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Tungsten Alloys

A reliable source for Tungsten information and leading Tungsten Companies & Suppliers.

Most tungsten products are alloyed with some sort of metal, including steel, carbide, nickel, copper and iron. The most popular tungsten alloy is tungsten carbide, which is a very strong metal used in mining, construction and industrial machinery. It accounts for 65% of the total tungsten consumption worldwide. Read More…

Tungsten Alloys Tungsten is an extremely strong, resistant, dense, hard and heat resistant metal that is often alloyed with other metals and materials to further improve strength, melting point and hardness properties.
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Leading Manufacturers

Pompton Plains, NJ  |  800-838-1978

Our company offers a diverse selection of tungsten items. We have highly trained and competent engineers who can successfully create you a metal solution regardless of how big or small. The expertise of our staff is unmatched.

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Metal Associates $$$

Long Island City, NY  |  800-767-9494

Metalmen provides worldwide distribution of all stainless steel. With our wide range of products, we offer expert market advice and complete metalworking as a custom response supplier serving industry.

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Metalmen Sales Inc. $$$

Torrance, CA  |  877-455-5362

Leading Edge Metals & Alloys offers tungsten products to a number of industries, including aerospace, electronics, magnetic shielding, and medical. We are leading experts in our field and we go out of our way to make sure our customers receive only the very best.

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Leading Edge Metals & Alloys, LLC $$$

Willowbrook, IL  |  800-626-0226

As an ISO 9001:2008 certified source for precision manufactured tungsten alloys, Midwest Tungsten Service is your one-stop shop for high quality refractory metallic products. Choose from shelf stock or made to order products— Midwest’s large inventory and short manufacturing lead times guarantees prompt delivery. Call today—Midwest can custom machine to your specifications.

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Midwest Tungsten Service $$$
placeholder image Metal Associates Metalmen Sales Inc. Leading Edge Metals & Alloys, LLC Midwest Tungsten Service

Other alloy grades are used for weapons including bullets, body armor, cannon shells, grenades and missiles. Tungsten alloys are also used in musical instrument strings, heat sinks, armaments, turbine blades, weights, ballasts, watch/clock components, among many other products.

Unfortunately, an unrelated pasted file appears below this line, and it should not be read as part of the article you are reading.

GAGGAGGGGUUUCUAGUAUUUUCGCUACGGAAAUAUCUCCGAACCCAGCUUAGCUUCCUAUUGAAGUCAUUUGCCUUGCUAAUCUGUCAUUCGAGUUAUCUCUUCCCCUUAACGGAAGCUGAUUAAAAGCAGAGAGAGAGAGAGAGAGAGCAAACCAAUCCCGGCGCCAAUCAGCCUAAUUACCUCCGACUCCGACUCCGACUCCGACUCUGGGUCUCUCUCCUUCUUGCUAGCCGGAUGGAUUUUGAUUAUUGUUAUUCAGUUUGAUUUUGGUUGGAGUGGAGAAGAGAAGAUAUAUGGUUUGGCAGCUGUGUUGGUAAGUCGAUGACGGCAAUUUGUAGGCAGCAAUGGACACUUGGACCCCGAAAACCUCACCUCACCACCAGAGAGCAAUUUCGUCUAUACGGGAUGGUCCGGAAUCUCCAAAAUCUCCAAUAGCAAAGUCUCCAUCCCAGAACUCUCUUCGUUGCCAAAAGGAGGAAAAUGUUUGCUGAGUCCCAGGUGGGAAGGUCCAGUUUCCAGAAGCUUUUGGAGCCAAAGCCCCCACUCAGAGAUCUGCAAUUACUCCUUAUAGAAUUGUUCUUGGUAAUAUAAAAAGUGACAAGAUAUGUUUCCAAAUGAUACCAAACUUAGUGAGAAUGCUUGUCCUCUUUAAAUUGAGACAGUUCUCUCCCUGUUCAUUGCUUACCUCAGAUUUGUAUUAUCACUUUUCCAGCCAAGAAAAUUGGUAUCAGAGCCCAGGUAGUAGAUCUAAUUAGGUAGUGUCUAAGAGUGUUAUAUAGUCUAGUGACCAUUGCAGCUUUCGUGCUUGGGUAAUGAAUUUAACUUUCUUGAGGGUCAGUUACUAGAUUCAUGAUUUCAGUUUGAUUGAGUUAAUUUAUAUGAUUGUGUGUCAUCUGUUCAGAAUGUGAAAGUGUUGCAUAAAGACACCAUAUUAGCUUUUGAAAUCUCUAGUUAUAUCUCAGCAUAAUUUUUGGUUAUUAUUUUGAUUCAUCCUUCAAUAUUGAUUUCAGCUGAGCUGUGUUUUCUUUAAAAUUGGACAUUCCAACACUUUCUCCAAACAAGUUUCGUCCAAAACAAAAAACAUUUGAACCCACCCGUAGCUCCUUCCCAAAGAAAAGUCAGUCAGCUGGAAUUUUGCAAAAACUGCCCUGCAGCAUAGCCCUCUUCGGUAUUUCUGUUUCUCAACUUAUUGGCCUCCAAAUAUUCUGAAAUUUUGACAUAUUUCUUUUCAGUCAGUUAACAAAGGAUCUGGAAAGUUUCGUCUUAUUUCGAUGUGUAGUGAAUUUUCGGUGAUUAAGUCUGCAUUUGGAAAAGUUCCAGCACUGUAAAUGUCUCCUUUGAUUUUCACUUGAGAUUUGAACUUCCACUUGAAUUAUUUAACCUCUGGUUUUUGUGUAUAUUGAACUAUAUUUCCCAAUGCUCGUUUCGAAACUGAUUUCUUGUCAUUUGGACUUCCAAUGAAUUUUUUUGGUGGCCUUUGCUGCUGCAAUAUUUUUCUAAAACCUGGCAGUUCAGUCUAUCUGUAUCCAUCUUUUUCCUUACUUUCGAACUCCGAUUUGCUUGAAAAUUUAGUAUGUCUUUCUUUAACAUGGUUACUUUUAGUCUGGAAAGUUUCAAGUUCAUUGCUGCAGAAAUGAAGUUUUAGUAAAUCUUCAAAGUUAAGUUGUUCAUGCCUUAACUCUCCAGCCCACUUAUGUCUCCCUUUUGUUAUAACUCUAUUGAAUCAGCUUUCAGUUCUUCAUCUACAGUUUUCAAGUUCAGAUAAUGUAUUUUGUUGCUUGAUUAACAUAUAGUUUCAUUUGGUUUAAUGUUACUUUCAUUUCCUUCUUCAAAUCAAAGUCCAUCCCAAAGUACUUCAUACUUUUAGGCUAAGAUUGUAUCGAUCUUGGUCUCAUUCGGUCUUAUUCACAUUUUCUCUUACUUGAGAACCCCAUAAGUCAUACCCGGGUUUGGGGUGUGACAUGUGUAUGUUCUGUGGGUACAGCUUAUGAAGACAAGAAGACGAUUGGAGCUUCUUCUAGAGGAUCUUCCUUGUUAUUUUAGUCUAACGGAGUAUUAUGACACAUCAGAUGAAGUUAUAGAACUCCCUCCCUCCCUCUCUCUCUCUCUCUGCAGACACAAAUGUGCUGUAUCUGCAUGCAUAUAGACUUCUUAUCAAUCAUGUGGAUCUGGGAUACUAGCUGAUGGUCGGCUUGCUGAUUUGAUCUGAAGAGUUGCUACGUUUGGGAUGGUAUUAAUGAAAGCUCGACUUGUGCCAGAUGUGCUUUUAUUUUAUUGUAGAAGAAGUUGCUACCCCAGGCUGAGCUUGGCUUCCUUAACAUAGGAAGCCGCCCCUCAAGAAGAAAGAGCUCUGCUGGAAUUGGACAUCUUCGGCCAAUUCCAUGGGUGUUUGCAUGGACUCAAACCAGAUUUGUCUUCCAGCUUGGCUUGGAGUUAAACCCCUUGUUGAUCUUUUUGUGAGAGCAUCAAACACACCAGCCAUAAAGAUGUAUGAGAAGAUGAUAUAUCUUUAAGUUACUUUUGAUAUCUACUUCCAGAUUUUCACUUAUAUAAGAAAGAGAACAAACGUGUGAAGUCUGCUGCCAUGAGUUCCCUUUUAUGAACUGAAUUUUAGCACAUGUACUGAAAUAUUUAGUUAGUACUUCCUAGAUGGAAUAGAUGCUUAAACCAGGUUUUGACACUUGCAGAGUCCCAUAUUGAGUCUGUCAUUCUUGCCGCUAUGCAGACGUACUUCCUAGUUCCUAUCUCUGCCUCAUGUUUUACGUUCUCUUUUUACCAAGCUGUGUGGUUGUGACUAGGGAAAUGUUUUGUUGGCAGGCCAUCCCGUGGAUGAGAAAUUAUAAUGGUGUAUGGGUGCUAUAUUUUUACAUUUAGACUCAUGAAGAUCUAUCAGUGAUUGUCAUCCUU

The defense, aerospace, marine, mining, construction and consumer product industries all employ tungsten alloys to fabricate or coat products. Tungsten alloy coatings extend the life of products like tools by many years and protect items like jewelry from scratching. Some rarer applications include organic dyes, pigment phosphors, cathode-ray tubes and x-ray screens, which are all made from tungsten-based chemicals. Tungsten alloys are very dense and are useful when fabricating kinetic energy penetrators, counterweights and flywheels.

Tungsten in raw form is a fine, grey powder. It is often combined with another metal, and then sintered to form different forms, which include bar, rod, sheet and wire. The sintering process involves packing the powder into molds and heating them in an industrial oven. The powder becomes adherent and denser, allowing a solid metal shape to form when the metal has cured and come back to room temperature. The three most popular tungsten alloys for consumer goods are tungsten-thorium, which increases the efficiency of electron discharge tubes and improves creep strength to wire in high temperatures, tungsten-molybdenum and tungsten-rhenium.

Some tungsten alloys contain mostly tungsten, generally about 90 to 98%. These are called tungsten heavy-metal alloys, and are considered nearly pure tungsten. These grades are used for warheads, computer disk drives, isotope containers, gyroscope components, as well as weight distribution adjustment for boats and racecars.

Heavy-metal tungsten alloys usually contain small amounts of cobalt, nickel, iron and copper. Tungsten by itself has many good qualities, but its high density, poor ductility in cold temperatures and tendency to strongly react with air are some of its less desirable qualities. Alloying tungsten with different metals improves some of these shortcomings and broadens tungsten's applications in different environments.